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The son is home from college for the holiday break and he has walked into our new “Dave Ramsey” world. “Some things have changed around here, son,” we told him before he flew home.

None of this information is a surprise as we’ve had him go through the Foundations in Personal Finance Homeschool lessons, but even while he was learning these things, we kept saying that college loans might be necessary.

Our kids have known for a bit now that we failed to save for their college education. They’ve known they would need to work. What they didn’t know was that we would change how we felt about college loans and co-signing (which Dave says to never do).

A man lacking common sense gives a pledge
And becomes guarantor [for the debt of another] in the presence of his neighbor. ~ Proverbs 17:18 (AMP)

We’ve already talked to our younger kids about these things, but the son has been gone the past few months and unaware of the drastic changes in our thought processes.

After one semester of college, the money is about to run out sometime during next semester. We think we’ll be able to cover the shortage, but after that, there’s nothing. Fortunately he’s going to a fairly inexpensive school, but it is still more than we can afford for the duration.

The son has expected us to co-sign on the loan needed to continue, but the more we’ve thought about it, the more adamant we are that debt is not the answer.

Signing that paperwork would mean shackling our boy (and us) with thousands in debt for years to come. As we thought about the numbers and about what Dave teaches, we realized we would be hurting more than helping.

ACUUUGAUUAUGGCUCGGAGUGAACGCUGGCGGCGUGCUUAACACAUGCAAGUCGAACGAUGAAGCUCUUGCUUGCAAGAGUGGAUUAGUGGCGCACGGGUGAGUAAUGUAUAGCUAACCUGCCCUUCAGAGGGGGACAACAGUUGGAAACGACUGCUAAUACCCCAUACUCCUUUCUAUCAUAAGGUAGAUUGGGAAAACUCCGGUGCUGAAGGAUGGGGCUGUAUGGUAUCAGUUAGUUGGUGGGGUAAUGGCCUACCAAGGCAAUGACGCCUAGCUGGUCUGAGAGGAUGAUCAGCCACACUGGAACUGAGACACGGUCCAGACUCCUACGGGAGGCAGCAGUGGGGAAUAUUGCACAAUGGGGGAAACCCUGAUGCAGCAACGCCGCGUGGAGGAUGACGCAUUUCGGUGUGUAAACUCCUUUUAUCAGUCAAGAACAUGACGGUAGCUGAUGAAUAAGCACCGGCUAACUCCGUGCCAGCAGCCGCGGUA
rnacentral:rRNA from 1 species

As I was praying over this, I realized I was only struggling with it because I felt guilty. We hadn’t been good stewards and our “poor kids” would have to “suffer” for our mistakes. Then I thought back to all the times we’ve made stupid money decisions out of guilt. Our credit card statements over the years can attest to many guilt purchases. I knew we had to break the cycle at some point.

It felt as though this loan was a crossroads of sorts. If we sign, we continue down the wide, well-trodden path littered with sacrificed dreams and futures. If we don’t sign, we make a dramatic shift in direction. The path will be narrow and feel stifling at times, but the reward has greater potential in the long-run.

Would we choose to “live like no one else” or not? Gulp. Would we stand up for our beliefs and guide our kids through this minefield? Or, would we follow the trail of debt-laden lemmings right over the cliff?

My son, if you have put up security for your neighbor,
    have given your pledge for a stranger,
if you are snared in the words of your mouth,
    caught in the words of your mouth,
then do this, my son, and save yourself,
    for you have come into the hand of your neighbor:
    go, hasten,[a] and plead urgently with your neighbor.
Give your eyes no sleep
    and your eyelids no slumber;
save yourself like a gazelle from the hand of the hunter,
    like a bird from the hand of the fowler. ~ Proverbs 6:1-5 (ESV)

I went to the husband with these thoughts and some scripture. He agreed it was the right decision; although, neither of us liked the prospect of telling the son.

Last night he had a long talk with our boy and was surprised by how receptive and understanding he was. There is a work-study option at the school, but we won’t know for a bit if he gets into the program. If he does, his education will be covered, if not, we go back to the drawing board.

The rich rules over the poor, and the borrower is the slave of the lender. ~ Proverbs 22:7 (ESV)

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